Provost Awards Funding For Projects Promoting Innovation in Education

Issue Date: 
April 9, 2007

Eleven teaching proposals have been selected for funding under the Provost’s Advisory Council on Instructional Excellence’s Eighth Annual Innovation in Education Awards Program.

The projects range from developing virtual hospitals to enhancing the civil engineering curriculum.

The awards, instituted in 2000 by Provost James V. Maher, encourage instructional innovation and teaching excellence. Council Chair Andrew Blair, vice provost for faculty affairs, said the council seeks to identify high-quality proposals that give promise of introducing innovative, creative approaches to teaching that can be adapted for use in other courses.

“The quality and creativity of the proposals submitted this year continued at a high level, and the submissions came again from academic units across the entire University,” Blair said. “It is evident that this awards program provides faculty at this comprehensive research institution with the opportunity to think seriously about ways of demonstrating the centrality of teaching excellence.” Funding for this year’s awards totals $159,577.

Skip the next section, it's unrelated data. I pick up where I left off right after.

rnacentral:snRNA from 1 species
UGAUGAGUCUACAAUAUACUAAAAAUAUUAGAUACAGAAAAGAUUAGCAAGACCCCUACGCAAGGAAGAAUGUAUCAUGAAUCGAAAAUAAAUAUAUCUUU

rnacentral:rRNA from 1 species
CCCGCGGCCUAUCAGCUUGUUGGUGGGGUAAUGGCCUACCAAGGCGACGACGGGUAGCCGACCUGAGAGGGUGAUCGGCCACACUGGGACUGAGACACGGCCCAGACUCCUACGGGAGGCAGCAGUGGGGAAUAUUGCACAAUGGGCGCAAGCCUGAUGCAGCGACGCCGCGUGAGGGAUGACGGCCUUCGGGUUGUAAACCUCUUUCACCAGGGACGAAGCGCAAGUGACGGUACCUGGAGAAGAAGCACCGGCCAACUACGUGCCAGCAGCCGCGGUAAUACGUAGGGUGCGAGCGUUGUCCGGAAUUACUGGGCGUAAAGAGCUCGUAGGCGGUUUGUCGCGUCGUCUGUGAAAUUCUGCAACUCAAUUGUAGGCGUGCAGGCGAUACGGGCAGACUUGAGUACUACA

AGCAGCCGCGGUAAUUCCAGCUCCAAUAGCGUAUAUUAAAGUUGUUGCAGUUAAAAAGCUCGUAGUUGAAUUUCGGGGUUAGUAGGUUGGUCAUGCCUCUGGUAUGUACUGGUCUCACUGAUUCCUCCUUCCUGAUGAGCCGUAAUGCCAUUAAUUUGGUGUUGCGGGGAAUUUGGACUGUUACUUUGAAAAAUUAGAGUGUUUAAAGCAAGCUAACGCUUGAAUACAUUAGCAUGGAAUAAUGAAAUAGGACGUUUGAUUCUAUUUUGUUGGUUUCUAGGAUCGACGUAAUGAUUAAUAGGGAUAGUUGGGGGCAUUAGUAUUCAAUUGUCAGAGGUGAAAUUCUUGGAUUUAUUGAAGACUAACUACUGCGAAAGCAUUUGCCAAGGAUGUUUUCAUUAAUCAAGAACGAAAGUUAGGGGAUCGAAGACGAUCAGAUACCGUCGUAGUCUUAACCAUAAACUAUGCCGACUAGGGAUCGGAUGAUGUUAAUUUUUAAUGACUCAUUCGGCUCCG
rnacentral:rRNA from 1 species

Winners of this year’s awards and the titles and summaries of their proposals follow.

Ahmed Amer, assistant professor of computer science, “The Virtual Systems Laboratory.”

This project aims to establish the first virtual systems laboratory, which will offer students the opportunity to use multiple dedicated computers for each project they attempt within a course, nor simply a single dedicated computer for a course. Also, by combining virtual computer emulators, the project will construct a laboratory of computers that students can use from any computer with network access as well as freely available standardized software.

Mary Hall, associate professor of English at Pitt’s Titusville campus, “Writing Improvement Through Team Tutoring (WITT).”